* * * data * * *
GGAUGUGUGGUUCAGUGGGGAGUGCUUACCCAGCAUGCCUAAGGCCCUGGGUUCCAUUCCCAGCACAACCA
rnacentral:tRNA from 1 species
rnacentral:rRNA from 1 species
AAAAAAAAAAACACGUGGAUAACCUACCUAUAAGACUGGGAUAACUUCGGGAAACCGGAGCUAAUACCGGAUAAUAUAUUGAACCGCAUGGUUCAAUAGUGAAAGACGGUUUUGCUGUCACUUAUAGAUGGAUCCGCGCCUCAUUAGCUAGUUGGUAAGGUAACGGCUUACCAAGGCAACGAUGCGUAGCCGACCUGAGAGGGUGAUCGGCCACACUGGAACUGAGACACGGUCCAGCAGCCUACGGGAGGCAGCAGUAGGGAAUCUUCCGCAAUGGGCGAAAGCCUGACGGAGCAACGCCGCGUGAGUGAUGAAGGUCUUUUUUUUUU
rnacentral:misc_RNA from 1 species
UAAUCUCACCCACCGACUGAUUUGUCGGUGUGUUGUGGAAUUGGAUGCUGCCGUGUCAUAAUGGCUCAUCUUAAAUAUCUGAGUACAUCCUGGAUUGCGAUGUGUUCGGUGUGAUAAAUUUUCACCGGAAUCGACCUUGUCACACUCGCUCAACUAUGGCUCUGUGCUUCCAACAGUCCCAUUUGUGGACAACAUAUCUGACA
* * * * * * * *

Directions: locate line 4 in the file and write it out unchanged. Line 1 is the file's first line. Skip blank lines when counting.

AAAAAAAAAAACACGUGGAUAACCUACCUAUAAGACUGGGAUAACUUCGGGAAACCGGAGCUAAUACCGGAUAAUAUAUUGAACCGCAUGGUUCAAUAGUGAAAGACGGUUUUGCUGUCACUUAUAGAUGGAUCCGCGCCUCAUUAGCUAGUUGGUAAGGUAACGGCUUACCAAGGCAACGAUGCGUAGCCGACCUGAGAGGGUGAUCGGCCACACUGGAACUGAGACACGGUCCAGCAGCCUACGGGAGGCAGCAGUAGGGAAUCUUCCGCAAUGGGCGAAAGCCUGACGGAGCAACGCCGCGUGAGUGAUGAAGGUCUUUUUUUUUU